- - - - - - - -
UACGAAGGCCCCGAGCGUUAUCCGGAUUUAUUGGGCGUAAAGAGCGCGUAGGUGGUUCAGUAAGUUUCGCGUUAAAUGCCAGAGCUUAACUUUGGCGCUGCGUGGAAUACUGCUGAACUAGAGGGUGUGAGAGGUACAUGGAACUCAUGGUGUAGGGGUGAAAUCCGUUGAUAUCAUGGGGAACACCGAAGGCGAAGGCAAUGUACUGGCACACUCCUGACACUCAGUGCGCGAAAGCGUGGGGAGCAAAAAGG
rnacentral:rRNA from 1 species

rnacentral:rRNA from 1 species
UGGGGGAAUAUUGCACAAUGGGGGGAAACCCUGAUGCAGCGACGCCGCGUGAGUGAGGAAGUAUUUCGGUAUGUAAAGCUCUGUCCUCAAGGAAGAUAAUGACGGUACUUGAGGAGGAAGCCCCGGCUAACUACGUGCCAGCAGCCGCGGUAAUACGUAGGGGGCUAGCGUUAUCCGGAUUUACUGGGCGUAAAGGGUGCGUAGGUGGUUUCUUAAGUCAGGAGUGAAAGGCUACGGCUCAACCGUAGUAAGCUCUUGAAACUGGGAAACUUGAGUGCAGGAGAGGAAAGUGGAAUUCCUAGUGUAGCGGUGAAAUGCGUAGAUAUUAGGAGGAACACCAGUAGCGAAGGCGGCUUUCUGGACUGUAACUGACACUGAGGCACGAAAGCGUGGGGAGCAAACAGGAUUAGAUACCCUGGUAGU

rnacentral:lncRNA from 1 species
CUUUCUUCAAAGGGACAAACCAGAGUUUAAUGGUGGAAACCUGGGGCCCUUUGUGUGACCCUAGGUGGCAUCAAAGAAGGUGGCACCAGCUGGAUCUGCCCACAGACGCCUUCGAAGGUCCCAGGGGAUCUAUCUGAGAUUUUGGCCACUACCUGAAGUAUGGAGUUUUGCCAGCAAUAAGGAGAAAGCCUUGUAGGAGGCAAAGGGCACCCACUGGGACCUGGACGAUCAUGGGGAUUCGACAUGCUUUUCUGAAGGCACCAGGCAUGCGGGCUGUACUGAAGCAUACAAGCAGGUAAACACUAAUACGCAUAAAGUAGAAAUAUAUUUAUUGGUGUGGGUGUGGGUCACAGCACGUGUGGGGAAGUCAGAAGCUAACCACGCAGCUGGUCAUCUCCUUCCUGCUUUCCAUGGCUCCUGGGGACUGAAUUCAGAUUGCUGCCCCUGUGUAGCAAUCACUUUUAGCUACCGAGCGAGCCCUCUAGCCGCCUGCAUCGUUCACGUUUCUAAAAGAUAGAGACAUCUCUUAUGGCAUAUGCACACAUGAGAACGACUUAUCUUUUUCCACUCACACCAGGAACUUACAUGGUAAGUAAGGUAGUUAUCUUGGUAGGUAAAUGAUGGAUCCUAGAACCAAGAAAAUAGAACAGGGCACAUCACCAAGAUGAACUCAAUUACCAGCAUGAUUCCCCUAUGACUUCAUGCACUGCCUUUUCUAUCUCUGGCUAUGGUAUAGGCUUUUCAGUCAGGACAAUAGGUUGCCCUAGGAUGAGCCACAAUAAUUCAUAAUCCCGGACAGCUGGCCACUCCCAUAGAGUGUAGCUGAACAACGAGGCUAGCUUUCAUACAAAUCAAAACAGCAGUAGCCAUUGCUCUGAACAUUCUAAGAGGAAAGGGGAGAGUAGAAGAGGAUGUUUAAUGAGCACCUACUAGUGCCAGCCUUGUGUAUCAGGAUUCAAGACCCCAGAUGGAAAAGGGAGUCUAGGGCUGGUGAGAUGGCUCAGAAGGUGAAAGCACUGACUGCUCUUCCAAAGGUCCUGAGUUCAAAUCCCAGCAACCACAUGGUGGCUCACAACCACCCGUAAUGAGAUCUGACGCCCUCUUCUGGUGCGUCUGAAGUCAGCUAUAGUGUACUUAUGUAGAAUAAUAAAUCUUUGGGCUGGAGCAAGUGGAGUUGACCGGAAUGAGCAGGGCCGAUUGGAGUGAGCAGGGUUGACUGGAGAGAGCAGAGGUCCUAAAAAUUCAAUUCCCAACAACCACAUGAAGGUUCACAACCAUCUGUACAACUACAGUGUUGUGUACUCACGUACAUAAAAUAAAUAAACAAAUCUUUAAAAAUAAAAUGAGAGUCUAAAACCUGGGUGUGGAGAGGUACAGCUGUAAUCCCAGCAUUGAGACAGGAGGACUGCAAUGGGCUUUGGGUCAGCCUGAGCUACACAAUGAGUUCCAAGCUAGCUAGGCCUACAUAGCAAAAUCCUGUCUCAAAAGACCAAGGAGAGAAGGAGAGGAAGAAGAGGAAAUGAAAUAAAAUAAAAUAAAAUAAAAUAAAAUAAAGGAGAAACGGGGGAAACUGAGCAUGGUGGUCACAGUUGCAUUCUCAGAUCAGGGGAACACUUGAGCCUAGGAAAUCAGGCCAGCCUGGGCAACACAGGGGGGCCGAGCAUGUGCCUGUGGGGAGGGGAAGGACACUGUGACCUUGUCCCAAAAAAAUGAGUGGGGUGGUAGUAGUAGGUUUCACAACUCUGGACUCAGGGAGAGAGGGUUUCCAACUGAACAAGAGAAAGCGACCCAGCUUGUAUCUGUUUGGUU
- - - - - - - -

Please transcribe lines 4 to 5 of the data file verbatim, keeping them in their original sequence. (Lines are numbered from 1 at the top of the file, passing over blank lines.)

UGGGGGAAUAUUGCACAAUGGGGGGAAACCCUGAUGCAGCGACGCCGCGUGAGUGAGGAAGUAUUUCGGUAUGUAAAGCUCUGUCCUCAAGGAAGAUAAUGACGGUACUUGAGGAGGAAGCCCCGGCUAACUACGUGCCAGCAGCCGCGGUAAUACGUAGGGGGCUAGCGUUAUCCGGAUUUACUGGGCGUAAAGGGUGCGUAGGUGGUUUCUUAAGUCAGGAGUGAAAGGCUACGGCUCAACCGUAGUAAGCUCUUGAAACUGGGAAACUUGAGUGCAGGAGAGGAAAGUGGAAUUCCUAGUGUAGCGGUGAAAUGCGUAGAUAUUAGGAGGAACACCAGUAGCGAAGGCGGCUUUCUGGACUGUAACUGACACUGAGGCACGAAAGCGUGGGGAGCAAACAGGAUUAGAUACCCUGGUAGU

rnacentral:lncRNA from 1 species